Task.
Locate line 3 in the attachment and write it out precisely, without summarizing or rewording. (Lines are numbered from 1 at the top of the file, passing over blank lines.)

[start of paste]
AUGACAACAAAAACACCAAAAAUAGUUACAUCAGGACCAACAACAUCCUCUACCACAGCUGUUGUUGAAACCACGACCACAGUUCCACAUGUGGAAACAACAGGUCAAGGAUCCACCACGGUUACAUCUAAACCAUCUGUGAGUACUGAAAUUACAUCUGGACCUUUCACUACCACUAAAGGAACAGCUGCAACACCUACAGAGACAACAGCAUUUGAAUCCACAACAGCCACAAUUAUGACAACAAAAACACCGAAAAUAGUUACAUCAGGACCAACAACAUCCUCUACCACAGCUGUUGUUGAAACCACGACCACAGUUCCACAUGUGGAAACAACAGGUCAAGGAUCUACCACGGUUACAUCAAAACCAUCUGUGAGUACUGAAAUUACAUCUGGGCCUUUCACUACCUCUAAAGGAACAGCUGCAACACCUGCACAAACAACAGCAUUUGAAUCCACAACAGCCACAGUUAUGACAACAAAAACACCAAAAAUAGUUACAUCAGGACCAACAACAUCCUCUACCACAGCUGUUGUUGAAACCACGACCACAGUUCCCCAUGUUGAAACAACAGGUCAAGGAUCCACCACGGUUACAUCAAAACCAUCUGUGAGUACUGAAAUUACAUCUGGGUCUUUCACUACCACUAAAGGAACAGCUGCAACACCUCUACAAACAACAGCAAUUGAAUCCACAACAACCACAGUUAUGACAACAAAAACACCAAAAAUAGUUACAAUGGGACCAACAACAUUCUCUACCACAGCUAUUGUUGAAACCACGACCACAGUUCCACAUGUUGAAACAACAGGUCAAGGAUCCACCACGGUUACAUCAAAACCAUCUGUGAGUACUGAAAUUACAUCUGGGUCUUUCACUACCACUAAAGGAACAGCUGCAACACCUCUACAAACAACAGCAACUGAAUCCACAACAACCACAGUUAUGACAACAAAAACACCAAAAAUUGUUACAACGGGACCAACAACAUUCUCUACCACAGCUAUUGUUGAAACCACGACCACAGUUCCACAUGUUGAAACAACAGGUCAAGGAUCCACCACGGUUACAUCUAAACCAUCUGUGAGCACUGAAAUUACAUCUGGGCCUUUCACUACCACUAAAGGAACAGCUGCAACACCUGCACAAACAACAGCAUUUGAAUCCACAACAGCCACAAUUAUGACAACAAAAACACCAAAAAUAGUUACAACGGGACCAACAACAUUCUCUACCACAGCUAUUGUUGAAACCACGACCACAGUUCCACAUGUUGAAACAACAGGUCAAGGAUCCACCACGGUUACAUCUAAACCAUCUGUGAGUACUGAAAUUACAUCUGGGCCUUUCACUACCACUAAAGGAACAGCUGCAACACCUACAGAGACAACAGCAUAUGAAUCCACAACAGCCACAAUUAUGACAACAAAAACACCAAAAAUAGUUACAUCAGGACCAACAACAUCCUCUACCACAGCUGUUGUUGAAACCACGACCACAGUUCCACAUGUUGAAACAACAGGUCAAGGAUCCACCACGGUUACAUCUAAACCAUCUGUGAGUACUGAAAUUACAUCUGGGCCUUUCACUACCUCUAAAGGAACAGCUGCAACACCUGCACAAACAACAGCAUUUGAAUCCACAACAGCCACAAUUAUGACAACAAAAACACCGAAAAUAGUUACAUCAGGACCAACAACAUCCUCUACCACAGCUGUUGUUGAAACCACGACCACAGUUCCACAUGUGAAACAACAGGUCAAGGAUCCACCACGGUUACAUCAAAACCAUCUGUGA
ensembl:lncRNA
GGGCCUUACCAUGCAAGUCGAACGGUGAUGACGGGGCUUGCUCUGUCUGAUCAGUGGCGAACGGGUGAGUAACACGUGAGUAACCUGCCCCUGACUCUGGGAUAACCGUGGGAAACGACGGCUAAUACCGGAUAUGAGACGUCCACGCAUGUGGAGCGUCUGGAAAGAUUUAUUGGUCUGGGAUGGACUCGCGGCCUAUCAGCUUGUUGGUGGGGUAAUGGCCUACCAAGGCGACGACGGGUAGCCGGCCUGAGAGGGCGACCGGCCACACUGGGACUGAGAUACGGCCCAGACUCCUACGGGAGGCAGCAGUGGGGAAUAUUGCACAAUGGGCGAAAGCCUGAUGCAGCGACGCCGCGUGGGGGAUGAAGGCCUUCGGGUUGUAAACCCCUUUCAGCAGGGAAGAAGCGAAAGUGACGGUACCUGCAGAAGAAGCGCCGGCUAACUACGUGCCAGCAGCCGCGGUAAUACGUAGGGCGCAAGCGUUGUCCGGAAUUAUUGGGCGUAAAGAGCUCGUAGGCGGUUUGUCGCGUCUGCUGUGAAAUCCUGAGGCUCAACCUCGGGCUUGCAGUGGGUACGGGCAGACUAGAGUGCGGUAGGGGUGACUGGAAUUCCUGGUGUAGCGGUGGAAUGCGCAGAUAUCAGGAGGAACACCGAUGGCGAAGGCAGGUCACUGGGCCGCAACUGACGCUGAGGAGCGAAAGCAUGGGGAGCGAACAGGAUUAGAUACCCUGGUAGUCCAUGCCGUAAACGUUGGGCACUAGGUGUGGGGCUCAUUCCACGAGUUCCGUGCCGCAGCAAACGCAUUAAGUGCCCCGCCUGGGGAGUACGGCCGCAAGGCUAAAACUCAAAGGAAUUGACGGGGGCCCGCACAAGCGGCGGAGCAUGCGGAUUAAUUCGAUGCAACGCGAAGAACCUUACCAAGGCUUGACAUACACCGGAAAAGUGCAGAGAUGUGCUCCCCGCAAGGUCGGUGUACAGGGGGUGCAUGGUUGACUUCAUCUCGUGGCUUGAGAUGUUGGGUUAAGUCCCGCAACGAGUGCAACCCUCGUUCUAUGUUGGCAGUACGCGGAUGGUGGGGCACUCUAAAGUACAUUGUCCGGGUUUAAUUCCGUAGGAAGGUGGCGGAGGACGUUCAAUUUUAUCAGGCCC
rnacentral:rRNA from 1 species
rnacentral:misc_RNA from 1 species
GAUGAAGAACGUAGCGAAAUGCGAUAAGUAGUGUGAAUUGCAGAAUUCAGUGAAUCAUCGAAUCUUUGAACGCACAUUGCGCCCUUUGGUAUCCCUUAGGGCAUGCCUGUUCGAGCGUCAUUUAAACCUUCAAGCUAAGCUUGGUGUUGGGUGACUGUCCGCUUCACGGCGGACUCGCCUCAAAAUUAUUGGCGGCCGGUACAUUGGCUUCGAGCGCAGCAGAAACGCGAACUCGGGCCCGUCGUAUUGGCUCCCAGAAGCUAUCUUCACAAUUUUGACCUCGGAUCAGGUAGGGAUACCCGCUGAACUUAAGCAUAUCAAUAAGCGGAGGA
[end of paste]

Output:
GGGCCUUACCAUGCAAGUCGAACGGUGAUGACGGGGCUUGCUCUGUCUGAUCAGUGGCGAACGGGUGAGUAACACGUGAGUAACCUGCCCCUGACUCUGGGAUAACCGUGGGAAACGACGGCUAAUACCGGAUAUGAGACGUCCACGCAUGUGGAGCGUCUGGAAAGAUUUAUUGGUCUGGGAUGGACUCGCGGCCUAUCAGCUUGUUGGUGGGGUAAUGGCCUACCAAGGCGACGACGGGUAGCCGGCCUGAGAGGGCGACCGGCCACACUGGGACUGAGAUACGGCCCAGACUCCUACGGGAGGCAGCAGUGGGGAAUAUUGCACAAUGGGCGAAAGCCUGAUGCAGCGACGCCGCGUGGGGGAUGAAGGCCUUCGGGUUGUAAACCCCUUUCAGCAGGGAAGAAGCGAAAGUGACGGUACCUGCAGAAGAAGCGCCGGCUAACUACGUGCCAGCAGCCGCGGUAAUACGUAGGGCGCAAGCGUUGUCCGGAAUUAUUGGGCGUAAAGAGCUCGUAGGCGGUUUGUCGCGUCUGCUGUGAAAUCCUGAGGCUCAACCUCGGGCUUGCAGUGGGUACGGGCAGACUAGAGUGCGGUAGGGGUGACUGGAAUUCCUGGUGUAGCGGUGGAAUGCGCAGAUAUCAGGAGGAACACCGAUGGCGAAGGCAGGUCACUGGGCCGCAACUGACGCUGAGGAGCGAAAGCAUGGGGAGCGAACAGGAUUAGAUACCCUGGUAGUCCAUGCCGUAAACGUUGGGCACUAGGUGUGGGGCUCAUUCCACGAGUUCCGUGCCGCAGCAAACGCAUUAAGUGCCCCGCCUGGGGAGUACGGCCGCAAGGCUAAAACUCAAAGGAAUUGACGGGGGCCCGCACAAGCGGCGGAGCAUGCGGAUUAAUUCGAUGCAACGCGAAGAACCUUACCAAGGCUUGACAUACACCGGAAAAGUGCAGAGAUGUGCUCCCCGCAAGGUCGGUGUACAGGGGGUGCAUGGUUGACUUCAUCUCGUGGCUUGAGAUGUUGGGUUAAGUCCCGCAACGAGUGCAACCCUCGUUCUAUGUUGGCAGUACGCGGAUGGUGGGGCACUCUAAAGUACAUUGUCCGGGUUUAAUUCCGUAGGAAGGUGGCGGAGGACGUUCAAUUUUAUCAGGCCC